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Vodafone India: Enters the 4G club

May 12, 2016
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The year 2015 ended on a high note for Vodafone India, as the operator marked its entry into the country’s 4G space. The service launch was initiated in Kochi, Kerala, in December 2015, following which the operator upped its game taking these services to four more licensed circles. Vodafone is utilising its recently acquired liberalised spectrum in the 1800 MHz band to launch 4G services in its licensed circles. Currently, these services are available in select cities across Kerala, Karnataka, as well as in Mumbai, Kolkata and Delhi-NCR.

Vodafone joins the 4G bandwagon at a time when competition in the country’s data space is heating up. Growth in voice services has slowed down over time while data services have become central to operator strategies. Reportedly, the explosion in data traffic will soon take its share in the service revenues of incumbents to 50 per cent from below 20 per cent at present. Growing data usage, coupled with higher data ARPUs, is contributing significantly towards reviving sector profitability. In such a scenario, all operators want to capitalise on the opportunity that 3G and 4G technologies present. Mobile broadband services channelled through these high speed networks can transform the lives of millions in the country, and at the same time, generate billions in revenues for operators. This was a key motivation that led players such as Vodafone and Idea Cellular, which did not buy broadband wireless access spectrum in 2010, to buy liberalised spectrum in the 1800 MHz band during the March 2015 auction. Both these operators are now using this spectrum to offer high speed 4G services. Vodafone’s 4G services currently account for around 50 per cent of the company’s total data revenues and 30 per cent of the industry’s revenue.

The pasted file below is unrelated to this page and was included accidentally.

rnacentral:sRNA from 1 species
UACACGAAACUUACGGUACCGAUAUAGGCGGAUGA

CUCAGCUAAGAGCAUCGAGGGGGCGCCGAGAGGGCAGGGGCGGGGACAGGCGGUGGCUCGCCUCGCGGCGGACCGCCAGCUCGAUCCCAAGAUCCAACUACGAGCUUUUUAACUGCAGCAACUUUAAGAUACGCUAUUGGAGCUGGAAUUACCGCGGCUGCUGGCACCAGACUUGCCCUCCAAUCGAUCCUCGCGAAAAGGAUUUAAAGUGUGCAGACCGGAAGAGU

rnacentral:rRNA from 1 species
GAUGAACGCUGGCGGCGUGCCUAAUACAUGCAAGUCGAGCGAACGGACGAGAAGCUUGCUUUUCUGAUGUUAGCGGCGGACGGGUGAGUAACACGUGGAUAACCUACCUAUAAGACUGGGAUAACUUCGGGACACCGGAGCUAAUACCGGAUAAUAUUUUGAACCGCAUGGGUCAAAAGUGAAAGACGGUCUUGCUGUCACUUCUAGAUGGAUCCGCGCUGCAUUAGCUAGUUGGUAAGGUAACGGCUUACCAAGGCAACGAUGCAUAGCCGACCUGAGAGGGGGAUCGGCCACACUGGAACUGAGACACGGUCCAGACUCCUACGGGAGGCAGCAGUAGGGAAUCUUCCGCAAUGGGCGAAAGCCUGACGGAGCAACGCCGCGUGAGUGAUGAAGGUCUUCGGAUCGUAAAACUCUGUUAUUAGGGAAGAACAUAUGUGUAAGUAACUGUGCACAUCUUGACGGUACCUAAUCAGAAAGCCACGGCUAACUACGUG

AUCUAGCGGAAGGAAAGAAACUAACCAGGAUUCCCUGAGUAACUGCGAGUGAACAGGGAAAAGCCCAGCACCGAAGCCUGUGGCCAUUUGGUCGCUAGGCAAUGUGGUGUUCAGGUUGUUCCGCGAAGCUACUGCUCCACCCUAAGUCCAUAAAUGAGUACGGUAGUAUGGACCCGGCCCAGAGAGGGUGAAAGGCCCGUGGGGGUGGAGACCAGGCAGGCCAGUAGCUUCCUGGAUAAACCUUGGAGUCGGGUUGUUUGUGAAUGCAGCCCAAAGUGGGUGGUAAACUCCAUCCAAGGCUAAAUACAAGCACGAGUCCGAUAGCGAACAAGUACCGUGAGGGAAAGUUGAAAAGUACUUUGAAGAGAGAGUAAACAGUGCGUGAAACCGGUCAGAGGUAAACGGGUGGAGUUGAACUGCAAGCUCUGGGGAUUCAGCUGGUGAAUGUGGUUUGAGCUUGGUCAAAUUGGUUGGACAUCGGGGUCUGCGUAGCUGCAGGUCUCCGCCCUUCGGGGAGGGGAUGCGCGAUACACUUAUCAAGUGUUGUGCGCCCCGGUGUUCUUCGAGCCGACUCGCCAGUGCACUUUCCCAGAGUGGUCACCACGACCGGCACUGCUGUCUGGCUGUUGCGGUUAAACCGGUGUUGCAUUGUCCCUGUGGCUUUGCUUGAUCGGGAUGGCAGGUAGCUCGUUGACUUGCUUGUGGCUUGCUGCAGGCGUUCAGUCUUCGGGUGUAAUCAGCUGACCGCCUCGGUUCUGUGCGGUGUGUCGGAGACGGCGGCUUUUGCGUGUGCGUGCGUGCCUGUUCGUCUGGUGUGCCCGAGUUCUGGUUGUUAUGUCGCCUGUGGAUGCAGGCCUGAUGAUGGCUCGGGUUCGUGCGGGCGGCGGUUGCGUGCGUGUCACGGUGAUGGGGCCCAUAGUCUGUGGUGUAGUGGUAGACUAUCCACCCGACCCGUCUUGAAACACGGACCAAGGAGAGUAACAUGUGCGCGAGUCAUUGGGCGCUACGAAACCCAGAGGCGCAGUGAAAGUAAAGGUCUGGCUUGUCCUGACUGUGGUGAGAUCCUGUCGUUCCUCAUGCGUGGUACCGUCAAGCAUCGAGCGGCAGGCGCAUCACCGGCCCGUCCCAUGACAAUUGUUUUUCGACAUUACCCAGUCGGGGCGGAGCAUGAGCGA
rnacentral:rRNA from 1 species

The country’s 4G ecosystem is still evolving, a key reason behind Vodafone’s decision to carry out a phased roll-out. Having launched the first round of services in key markets, the operator is likely to adopt a conservative approach and wait for the market to gain traction before undertaking a mass roll-out. It, however, will have to step up its efforts once Reliance Jio Infocomm Limited (RJIL) enters the market later this year.

Meanwhile, Vodafone is very optimistic about its 3G uptake and intends to focus on strengthening its 3G foothold while establishing its 4G presence. By the end of the December 2015 quarter, the operator had a 3G subscriber base of 26 million. 3G users form the primary customer base for 4G services for all operators and nurturing these subscribers can help them acquire a bigger share of the 4G pie in the long run.

Besides its foray into the 4G space, it has been business as usual for Vodafone India during 2015 as well as in 2016 so far. The operator is regularly making investments in network upgradation to improve its service quality. Since March 2015, it has made sizeable investments across its high data user circles. It has invested over Rs 3.5 billion and Rs 5 billion in upgrading its network in the Kerala and Mumbai circles respectively.